“It is important to try not to divide on such issues, but to recognise the actions of, in this case, Anas Sarwar. I know that he cares deeply about the families involved. That is why I also know, or at least hope, that he will recognise that the worst thing I could do, standing here as First Minister, in light of the independent processes that are under way—a statutory public inquiry and criminal investigations—would be to in any way inadvertently prejudice either of those processes by getting further into the detail right now.

Ten year old Milly pictured with her mother, Kimberly Darroch. Family picture

“We have done what I think is the right thing in establishing the independent inquiry. It is entirely for the police and the Crown Office to determine what criminal investigations are undertaken. It is incumbent on all of us who take the issues seriously and want to get to the answers that we allow those processes to take their course. Of course, when we have the findings from them, the Parliament will have not just the opportunity but the duty to reflect on any further action that is necessary.”

The Labour leader pointed out that  the First Minister did not give an update on the progress in finding the family [of the second child].

He added: “I think that she is also missing the fundamental point that it should not take a family having to campaign in a newspaper to get a child’s death investigated, which is fundamentally what has happened. Milly Main’s death is being investigated because of the bravery of Kimberly Darroch in going on television and speaking in a newspaper about what happened to her daughter.

“The other family does not have the opportunity to do that because they do not know what happened to their child. That cannot be a reason not to have a criminal investigation into that child’s death. Months ago, I asked the First Minister to help to find the family and, years ago, I asked her to hold the health board to account. Every time we ask the Government to take action, little happens. Every bit of progress has been fought for by the families and the campaigners.”

Mr Sarwar said the public inquiry was hard fought for and won by the families and the campaigners,  not by the Government.

He pointed out that Nicola Sturgeon was health secretary when the hospital was commissioned, she was First Minister when the hospital was opened and she has been in charge throughout this scandal.

“Surely there must come a point when it stops being whistleblowers, families and campaigners taking on the state in order to get answers and, instead, the state takes the side of the whistleblowers, families and campaigners to find the answers and get justice.

“We cannot wait for the outcome of the public inquiry for families to get justice. That could take years. Words of sympathy from the First Minister are, frankly, wearing thin. What is it going to take for Nicola Sturgeon to take responsibility, own the crisis, get a grip of this rotten health board and get the families the truth and justice that they deserve?”

However, Ms Sturgeon rebutted the Labour leader’s allegations: “I apologise for not addressing the point about the efforts to trace the second family. Last time Anas Sarwar asked about that, I set out the steps that the health board had taken to try to locate the family.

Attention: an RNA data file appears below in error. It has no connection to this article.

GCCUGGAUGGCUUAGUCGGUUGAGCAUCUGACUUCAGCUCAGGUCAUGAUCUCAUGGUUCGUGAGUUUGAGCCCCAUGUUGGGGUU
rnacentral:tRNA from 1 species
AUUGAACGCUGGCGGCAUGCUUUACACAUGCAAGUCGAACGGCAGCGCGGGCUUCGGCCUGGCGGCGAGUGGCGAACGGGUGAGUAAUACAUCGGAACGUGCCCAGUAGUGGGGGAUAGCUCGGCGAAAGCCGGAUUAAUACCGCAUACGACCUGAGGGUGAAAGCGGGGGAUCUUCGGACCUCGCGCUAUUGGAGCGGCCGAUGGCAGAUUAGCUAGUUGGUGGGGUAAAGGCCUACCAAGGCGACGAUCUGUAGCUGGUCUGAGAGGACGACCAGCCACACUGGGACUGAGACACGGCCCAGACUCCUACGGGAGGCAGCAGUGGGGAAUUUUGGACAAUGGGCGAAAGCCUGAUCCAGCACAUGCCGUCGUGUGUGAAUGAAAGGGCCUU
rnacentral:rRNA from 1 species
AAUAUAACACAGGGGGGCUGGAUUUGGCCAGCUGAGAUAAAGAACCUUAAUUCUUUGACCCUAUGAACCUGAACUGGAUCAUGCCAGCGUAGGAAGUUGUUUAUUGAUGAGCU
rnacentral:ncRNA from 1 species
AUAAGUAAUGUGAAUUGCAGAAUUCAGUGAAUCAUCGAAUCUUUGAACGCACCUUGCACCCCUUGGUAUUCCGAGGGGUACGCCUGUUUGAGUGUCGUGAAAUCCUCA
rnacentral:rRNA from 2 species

“As I understand it, the board has not located the family. As I understand it, that is not for the want of trying and effort, and appropriate steps will continue to be taken.

“On the issue of criminal investigations, it is a fundamental point of constitutional democracy that it is not up to the First Minister of the country—at any time, whoever he or she may be—to determine what cases are and are not subject to criminal investigation. It would be deeply improper if that was the case.”

“However, It is not credible for Anas Sarwar to say that a public inquiry was fought for and campaigned for—I accept that, although the Government did establish the inquiry—and then in the next breath say that the inquiry does not matter, we cannot wait for it and we have to do something different. It is an independent statutory public inquiry.

“Those who have a genuine interest in getting to the answers and the truth now have a duty to allow that inquiry to properly do its work. That is what the Government will do and I would suggest that that is what Anas Sarwar needs to do, as well.”

  • The First Minister said criminal investigations are “a fundamental point of constitutional democracy”. Perhaps she should inform the SNP group on West Dunbartonshire of that. Editor

One comment

  1. Isn’t Anas Sarwar the tiger. Berating this, and berating that. SNP baad.

    Well. maybe they are baad. The NHS is having some real issues whilst the comfortable and quite frankly duplicitous SG spin that everything is wonderful – which we all know it isn’t.

    But the QEUH, that’s a different story. That’s the story of infrastructure asset procurement gone bad. The new schools with walls falling down, Grenfell, the Edinburgh Hospital, the QEUH and so much more. All symptoms of an industry changed through procurement change.

    And that change was the introduction of PFI in all its forms and design a d construct.

    Introduced by Margaret Thatcher and then enthusiastically expanded by Gordon Brown and Tony Blair, the initiative has ruined the quality of infrastructure asset procurement.

    But does ya boo Anas Sarwar recognise that. Course not, he’s just a cheap shot politico taking pot shots at a complacent SG who spin that everything is fine.

    Thatcher, Brown, Blair, they’re the real culprits. They broke the system with private finance and letting the privateer industry design, build, supervise and deliver.

    Grenfell being the premier example of that!